Quaint and Curious - Parodies and Pastiches of Poe's The Raven

A Tory’s Dream

The Bedfordshire Mercury, Saturday Nov. 28, 1868, p. 5

Edgar Allan Poe’s Poem, Adapted

Once upon a midnight dreary, while I pondered, weak and weary,
Over many a bill of lawyer agents, o’er which I’d often cursed and swore—
While I nodded, nearly napping, suddenly there came a tapping,
As of some one gently rapping, rapping at my chamber door.
“’Tis some agent, curst,” I muttered, “tapping at my chamber door—
Only this, and nothing more.”
Ah, distinctly I remember, it was a night in bleak November;
And I who’d hoped to be a Member,[1] had been kicked out the day before.
Listlessly I’d sought to borrow from my pipe surcease of sorrow;
From my pipe surcease of sorrow, as I lay upon the floor,—
When there came th’infernal rapping at my private chamber door,—
I puffed my pipe and swore.
“But,” said I, “I must be civil; offended agents are the devil.”
“Sir,” said I, “or dear Sir, truly your forgiveness I implore;
But the fact is I was napping, and so gently you came rapping,
And so faintly you came tapping, tapping at my chamber door,
That I scarce was sure I heard you!” Here I opened wide the door;—
Darkness there, and nothing more.
Back into the chamber turning—puffing my pipe which still was burning,
Soon again I heard a tapping—somewhat louder than before.
“Surely,” said I, “surely that is something at my window lattice;
Let me see, then, what thereat is, and this mystery explore—
Let me heart be still a moment and the mystery explore;—
’Tis the wind and nothing more.”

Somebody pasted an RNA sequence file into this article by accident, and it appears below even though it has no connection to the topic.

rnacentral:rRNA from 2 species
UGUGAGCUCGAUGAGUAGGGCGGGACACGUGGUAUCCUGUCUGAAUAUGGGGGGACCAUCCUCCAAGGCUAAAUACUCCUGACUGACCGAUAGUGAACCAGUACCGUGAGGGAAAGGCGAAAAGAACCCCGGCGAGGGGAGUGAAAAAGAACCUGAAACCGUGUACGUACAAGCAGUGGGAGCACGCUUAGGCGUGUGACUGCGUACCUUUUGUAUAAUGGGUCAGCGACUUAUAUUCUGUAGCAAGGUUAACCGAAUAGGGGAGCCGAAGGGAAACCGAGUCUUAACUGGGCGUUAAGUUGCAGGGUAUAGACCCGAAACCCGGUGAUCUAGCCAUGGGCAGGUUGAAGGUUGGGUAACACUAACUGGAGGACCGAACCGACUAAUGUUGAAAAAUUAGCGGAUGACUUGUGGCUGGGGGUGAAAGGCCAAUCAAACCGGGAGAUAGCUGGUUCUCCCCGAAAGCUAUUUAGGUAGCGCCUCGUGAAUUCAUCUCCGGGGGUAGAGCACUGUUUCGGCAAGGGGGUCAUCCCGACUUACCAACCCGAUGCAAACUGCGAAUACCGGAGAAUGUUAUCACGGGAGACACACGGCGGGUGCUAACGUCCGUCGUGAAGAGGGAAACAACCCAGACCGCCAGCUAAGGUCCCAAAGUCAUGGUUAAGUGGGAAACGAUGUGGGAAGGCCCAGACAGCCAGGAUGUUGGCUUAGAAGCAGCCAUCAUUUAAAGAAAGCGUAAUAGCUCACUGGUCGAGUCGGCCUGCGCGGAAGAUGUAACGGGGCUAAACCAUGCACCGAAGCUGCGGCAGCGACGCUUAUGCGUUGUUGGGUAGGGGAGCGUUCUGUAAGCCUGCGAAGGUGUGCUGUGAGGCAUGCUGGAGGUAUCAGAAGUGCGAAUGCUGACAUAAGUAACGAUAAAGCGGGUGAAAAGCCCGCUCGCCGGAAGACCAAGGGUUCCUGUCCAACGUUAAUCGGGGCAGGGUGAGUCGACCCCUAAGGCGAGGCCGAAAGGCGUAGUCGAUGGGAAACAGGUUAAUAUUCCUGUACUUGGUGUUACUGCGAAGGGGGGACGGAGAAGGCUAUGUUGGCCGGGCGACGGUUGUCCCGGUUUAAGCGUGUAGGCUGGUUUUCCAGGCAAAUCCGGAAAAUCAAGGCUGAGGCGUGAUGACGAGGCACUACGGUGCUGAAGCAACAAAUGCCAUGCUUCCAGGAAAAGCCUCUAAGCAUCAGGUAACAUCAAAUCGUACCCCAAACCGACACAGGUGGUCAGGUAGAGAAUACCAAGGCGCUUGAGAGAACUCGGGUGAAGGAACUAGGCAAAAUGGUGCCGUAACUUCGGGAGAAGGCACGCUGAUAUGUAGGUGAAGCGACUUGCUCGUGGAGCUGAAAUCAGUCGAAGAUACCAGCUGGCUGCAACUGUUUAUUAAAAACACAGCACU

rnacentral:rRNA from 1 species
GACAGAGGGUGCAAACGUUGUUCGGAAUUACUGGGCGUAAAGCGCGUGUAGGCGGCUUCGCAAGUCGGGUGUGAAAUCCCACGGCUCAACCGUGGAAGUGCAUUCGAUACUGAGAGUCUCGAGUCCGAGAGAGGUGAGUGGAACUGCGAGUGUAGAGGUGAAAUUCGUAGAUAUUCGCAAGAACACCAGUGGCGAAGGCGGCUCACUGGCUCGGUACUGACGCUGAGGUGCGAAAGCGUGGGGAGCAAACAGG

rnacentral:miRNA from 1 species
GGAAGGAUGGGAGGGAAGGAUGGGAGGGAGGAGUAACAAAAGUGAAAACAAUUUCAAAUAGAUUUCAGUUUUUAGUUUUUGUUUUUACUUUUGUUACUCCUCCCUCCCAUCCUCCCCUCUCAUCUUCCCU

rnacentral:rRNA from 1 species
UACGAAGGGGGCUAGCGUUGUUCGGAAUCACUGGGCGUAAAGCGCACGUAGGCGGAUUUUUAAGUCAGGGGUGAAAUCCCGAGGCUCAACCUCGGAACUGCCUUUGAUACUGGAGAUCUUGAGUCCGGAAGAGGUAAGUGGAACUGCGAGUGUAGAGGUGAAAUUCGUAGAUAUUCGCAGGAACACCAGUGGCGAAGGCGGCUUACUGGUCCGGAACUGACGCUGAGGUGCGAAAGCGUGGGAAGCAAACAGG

Open here I flung the shutter,—when, with many a flirt and flutter,
In there stepped a stately Raven of the saintly days of yore.
Not the least obeisance made he; not a minute stopped or stayed he;
But, with mien of lord of lady, perched above my chamber door—
Perched upon a bust of Dizzy[2] just above my chamber door—
Perched, and blinked, and nothing more.
Then this ebony bird beguiling my sad fancy into smiling,
By the grave and stern decorum of the countenance it wore,
Soon it came into my fancy—the Bird may be a seer who can see
All that lies done in past ages, and all that’s still before.
“Tell me, O Raven,” then I murmured, “what thy name is on the dark Plutonian shore.”
Quoth the Raven, “Nevermore.”
Much I marvelled this ungainly fowl to hear discourse so plainly,
Though its answer little meaning—little relevancy bore;
For we cannot help agreeing that no living human being
Ever yet was blessed with seeing bird above his chamber door—
Bird or beast upon a sculptured bust above his chamber door,
With such a name as “Nevermore.”
But the Raven sitting lonely on that placid bust spoke only
That one word, as if his soul in that one word he did outpour.
Nothing further then he uttered; not a feather then he fluttered;
I smoked my pipe and scarcely muttered—puffing, puffing more and more.
“I suppose he soon will leave me,—as other bores have fled before.”
Then the Bird said, “Nevermore.”
Startled at the stillness broken by reply so aptly spoken,
“Curse you,” said I, “Is that you utter all your verbal stock and store?”
“Tell me,” I cried, “thou Bird ungainly. If thou’rt a prophet, speak out plainly.
Tell me, thou ebony Bird, of omen, is there no brighter future coming
When the Tories shall again rule in the nation as they ruled of yore?”